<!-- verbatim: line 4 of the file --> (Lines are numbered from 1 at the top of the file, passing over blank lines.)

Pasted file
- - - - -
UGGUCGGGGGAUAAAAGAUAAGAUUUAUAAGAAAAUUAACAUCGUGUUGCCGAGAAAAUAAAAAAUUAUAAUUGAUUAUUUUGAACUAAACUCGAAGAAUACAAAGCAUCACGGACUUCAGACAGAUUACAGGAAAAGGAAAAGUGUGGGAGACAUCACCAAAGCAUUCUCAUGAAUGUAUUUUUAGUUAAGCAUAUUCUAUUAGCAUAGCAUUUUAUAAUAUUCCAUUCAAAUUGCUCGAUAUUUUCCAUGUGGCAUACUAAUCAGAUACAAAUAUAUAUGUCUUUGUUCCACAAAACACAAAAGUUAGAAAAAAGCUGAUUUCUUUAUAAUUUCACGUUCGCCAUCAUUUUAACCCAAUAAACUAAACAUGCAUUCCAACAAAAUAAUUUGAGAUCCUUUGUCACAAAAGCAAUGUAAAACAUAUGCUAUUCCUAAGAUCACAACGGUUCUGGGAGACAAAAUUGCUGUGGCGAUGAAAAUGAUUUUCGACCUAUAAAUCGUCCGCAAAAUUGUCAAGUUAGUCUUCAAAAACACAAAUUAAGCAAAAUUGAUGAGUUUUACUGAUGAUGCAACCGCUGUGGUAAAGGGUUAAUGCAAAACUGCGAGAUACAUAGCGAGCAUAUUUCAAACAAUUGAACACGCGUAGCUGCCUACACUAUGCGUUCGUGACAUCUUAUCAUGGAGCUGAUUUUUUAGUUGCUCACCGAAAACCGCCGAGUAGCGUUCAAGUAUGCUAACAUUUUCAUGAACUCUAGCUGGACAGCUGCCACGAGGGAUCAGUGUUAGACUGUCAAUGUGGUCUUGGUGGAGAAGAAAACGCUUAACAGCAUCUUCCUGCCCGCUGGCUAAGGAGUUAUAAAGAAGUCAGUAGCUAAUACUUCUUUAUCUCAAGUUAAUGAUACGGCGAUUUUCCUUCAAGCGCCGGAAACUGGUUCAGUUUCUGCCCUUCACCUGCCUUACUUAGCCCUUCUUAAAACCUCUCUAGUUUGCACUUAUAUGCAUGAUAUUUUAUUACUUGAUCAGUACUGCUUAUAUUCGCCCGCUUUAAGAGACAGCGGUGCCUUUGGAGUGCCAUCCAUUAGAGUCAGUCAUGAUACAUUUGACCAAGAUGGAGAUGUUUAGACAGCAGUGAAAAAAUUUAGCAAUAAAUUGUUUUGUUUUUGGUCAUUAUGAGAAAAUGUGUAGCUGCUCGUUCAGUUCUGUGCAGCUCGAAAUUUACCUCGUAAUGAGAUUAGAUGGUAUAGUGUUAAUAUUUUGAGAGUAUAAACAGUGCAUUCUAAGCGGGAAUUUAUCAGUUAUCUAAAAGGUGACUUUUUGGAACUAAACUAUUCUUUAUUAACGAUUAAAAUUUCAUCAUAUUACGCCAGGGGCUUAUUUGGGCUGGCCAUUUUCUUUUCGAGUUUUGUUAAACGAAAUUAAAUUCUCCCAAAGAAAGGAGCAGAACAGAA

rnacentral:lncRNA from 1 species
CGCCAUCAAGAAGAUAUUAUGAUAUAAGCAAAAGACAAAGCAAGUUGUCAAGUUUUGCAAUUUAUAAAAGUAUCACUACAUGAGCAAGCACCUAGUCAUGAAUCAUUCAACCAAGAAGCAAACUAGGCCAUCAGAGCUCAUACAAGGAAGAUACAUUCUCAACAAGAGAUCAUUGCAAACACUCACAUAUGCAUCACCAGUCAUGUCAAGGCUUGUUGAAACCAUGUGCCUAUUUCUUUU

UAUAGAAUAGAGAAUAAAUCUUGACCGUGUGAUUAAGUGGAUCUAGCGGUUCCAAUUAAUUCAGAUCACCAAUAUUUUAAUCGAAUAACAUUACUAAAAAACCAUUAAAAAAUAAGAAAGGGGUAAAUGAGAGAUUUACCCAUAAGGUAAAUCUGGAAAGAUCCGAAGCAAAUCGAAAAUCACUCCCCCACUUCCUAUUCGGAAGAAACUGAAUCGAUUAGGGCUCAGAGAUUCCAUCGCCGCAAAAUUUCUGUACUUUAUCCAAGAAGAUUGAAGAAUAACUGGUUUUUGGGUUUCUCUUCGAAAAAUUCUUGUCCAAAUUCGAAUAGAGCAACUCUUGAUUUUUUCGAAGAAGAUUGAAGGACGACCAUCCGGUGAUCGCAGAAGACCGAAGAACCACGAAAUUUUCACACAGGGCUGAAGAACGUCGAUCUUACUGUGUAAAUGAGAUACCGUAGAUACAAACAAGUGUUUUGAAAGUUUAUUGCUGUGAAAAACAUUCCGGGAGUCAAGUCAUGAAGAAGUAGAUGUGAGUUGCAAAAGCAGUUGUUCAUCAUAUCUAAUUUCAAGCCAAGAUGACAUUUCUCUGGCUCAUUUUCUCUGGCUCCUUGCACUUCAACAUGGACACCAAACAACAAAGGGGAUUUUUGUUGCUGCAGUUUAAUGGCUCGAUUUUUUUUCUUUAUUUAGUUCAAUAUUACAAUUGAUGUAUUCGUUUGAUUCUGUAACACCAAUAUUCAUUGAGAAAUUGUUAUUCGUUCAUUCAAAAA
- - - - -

UAUAGAAUAGAGAAUAAAUCUUGACCGUGUGAUUAAGUGGAUCUAGCGGUUCCAAUUAAUUCAGAUCACCAAUAUUUUAAUCGAAUAACAUUACUAAAAAACCAUUAAAAAAUAAGAAAGGGGUAAAUGAGAGAUUUACCCAUAAGGUAAAUCUGGAAAGAUCCGAAGCAAAUCGAAAAUCACUCCCCCACUUCCUAUUCGGAAGAAACUGAAUCGAUUAGGGCUCAGAGAUUCCAUCGCCGCAAAAUUUCUGUACUUUAUCCAAGAAGAUUGAAGAAUAACUGGUUUUUGGGUUUCUCUUCGAAAAAUUCUUGUCCAAAUUCGAAUAGAGCAACUCUUGAUUUUUUCGAAGAAGAUUGAAGGACGACCAUCCGGUGAUCGCAGAAGACCGAAGAACCACGAAAUUUUCACACAGGGCUGAAGAACGUCGAUCUUACUGUGUAAAUGAGAUACCGUAGAUACAAACAAGUGUUUUGAAAGUUUAUUGCUGUGAAAAACAUUCCGGGAGUCAAGUCAUGAAGAAGUAGAUGUGAGUUGCAAAAGCAGUUGUUCAUCAUAUCUAAUUUCAAGCCAAGAUGACAUUUCUCUGGCUCAUUUUCUCUGGCUCCUUGCACUUCAACAUGGACACCAAACAACAAAGGGGAUUUUUGUUGCUGCAGUUUAAUGGCUCGAUUUUUUUUCUUUAUUUAGUUCAAUAUUACAAUUGAUGUAUUCGUUUGAUUCUGUAACACCAAUAUUCAUUGAGAAAUUGUUAUUCGUUCAUUCAAAAA